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Over-caution of large committees of experts

Author

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  • Midjord, Rune
  • Rodríguez Barraquer, Tomás
  • Valasek, Justin

Abstract

We provide an explanation for why committees may behave over-cautiously. A committee of experts makes a decision on a proposed innovation on behalf of 'society'. Each expert's signal about the innovation's quality is generated by the available evidence and the best practices of the experts' common discipline, which is only indirectly related to the true state of the world. In addition to a payoff linked to the adequateness of the committee's decision, each expert receives a disesteem payoff if he/she voted in favor of an ill-fated innovation. No matter how small the disesteem payoffs are, information aggregation fails in large committees: under any majority rule, the committee rejects the innovation almost surely.

Suggested Citation

  • Midjord, Rune & Rodríguez Barraquer, Tomás & Valasek, Justin, 2013. "Over-caution of large committees of experts," Discussion Papers, Research Unit: Economics of Change SP II 2013-313, Social Science Research Center Berlin (WZB).
  • Handle: RePEc:zbw:wzbeoc:spii2013313
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    References listed on IDEAS

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    1. Gilat Levy, 2007. "Decision Making in Committees: Transparency, Reputation, and Voting Rules," American Economic Review, American Economic Association, vol. 97(1), pages 150-168, March.
    2. Gerling, Kerstin & Gruner, Hans Peter & Kiel, Alexandra & Schulte, Elisabeth, 2005. "Information acquisition and decision making in committees: A survey," European Journal of Political Economy, Elsevier, vol. 21(3), pages 563-597, September.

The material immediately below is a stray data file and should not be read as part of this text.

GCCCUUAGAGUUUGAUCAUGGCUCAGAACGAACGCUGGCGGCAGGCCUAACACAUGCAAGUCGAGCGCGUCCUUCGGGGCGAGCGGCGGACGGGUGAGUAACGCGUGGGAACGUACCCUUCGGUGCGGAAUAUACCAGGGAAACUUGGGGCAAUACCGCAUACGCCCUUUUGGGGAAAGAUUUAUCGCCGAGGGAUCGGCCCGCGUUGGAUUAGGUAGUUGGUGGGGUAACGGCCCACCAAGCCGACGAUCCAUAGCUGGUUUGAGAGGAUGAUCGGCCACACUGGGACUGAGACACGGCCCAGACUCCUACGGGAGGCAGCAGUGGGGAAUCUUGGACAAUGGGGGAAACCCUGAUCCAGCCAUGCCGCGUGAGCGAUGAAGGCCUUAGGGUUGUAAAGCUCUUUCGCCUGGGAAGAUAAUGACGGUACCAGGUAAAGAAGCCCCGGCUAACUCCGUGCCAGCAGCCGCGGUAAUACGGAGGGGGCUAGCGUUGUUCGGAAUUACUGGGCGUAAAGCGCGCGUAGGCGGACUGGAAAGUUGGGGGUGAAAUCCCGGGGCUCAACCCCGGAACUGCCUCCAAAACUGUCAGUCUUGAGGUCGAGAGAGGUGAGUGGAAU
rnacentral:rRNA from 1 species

3. Tore Ellingsen & Magnus Johannesson, 2008. "Pride and Prejudice: The Human Side of Incentive Theory," American Economic Review, American Economic Association, vol. 98(3), pages 990-1008, June.
    4. repec:cup:apsrev:v:79:y:1985:i:01:p:62-78_22 is not listed on IDEAS
    5. John Morgan & Felix Várdy, 2012. "Mixed Motives and the Optimal Size of Voting Bodies," Journal of Political Economy, University of Chicago Press, vol. 120(5), pages 986-1026.
    6. Bezalel Peleg & Shmuel Zamir, 2012. "Extending the Condorcet Jury Theorem to a general dependent jury," Social Choice and Welfare, Springer;The Society for Social Choice and Welfare, vol. 39(1), pages 91-125, June.
    7. Ottaviani, Marco & Sorensen, Peter, 2001. "Information aggregation in debate: who should speak first?," Journal of Public Economics, Elsevier, vol. 81(3), pages 393-421, September.
    8. Brennan, Geoffrey & Pettit, Philip, 2004. "The Economy of Esteem: An Essay on Civil and Political Society," OUP Catalogue, Oxford University Press, number 9780199246489.
    9. Li Hao & Wing Suen, 2009. "Viewpoint: Decision-making in committees," Canadian Journal of Economics, Canadian Economics Association, vol. 42(2), pages 359-392, May.
    10. Callander, Steven, 2008. "Majority rule when voters like to win," Games and Economic Behavior, Elsevier, vol. 64(2), pages 393-420, November.
    11. repec:cup:apsrev:v:92:y:1998:i:01:p:23-35_20 is not listed on IDEAS
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    Cited by:

    1. Henry, Emeric & Louis-Sidois, Charles, 2015. "Voting and contributing when the group is watching," CEPR Discussion Papers 10912, C.E.P.R. Discussion Papers.
    2. Emeric Henry & Charles Louis-Sidois, 2015. "Voting and Contributing While the Group is Watching," Sciences Po publications info:hdl:2441/4g5hemr5o18, Sciences Po.
    3. repec:eee:gamebe:v:104:y:2017:i:c:p:430-443 is not listed on IDEAS

    More about this item

    Keywords

    Committees; Information aggregation; Disesteem payoffs;

    JEL classification:

    • D71 - Microeconomics - - Analysis of Collective Decision-Making - - - Social Choice; Clubs; Committees; Associations
    • D72 - Microeconomics - - Analysis of Collective Decision-Making - - - Political Processes: Rent-seeking, Lobbying, Elections, Legislatures, and Voting Behavior

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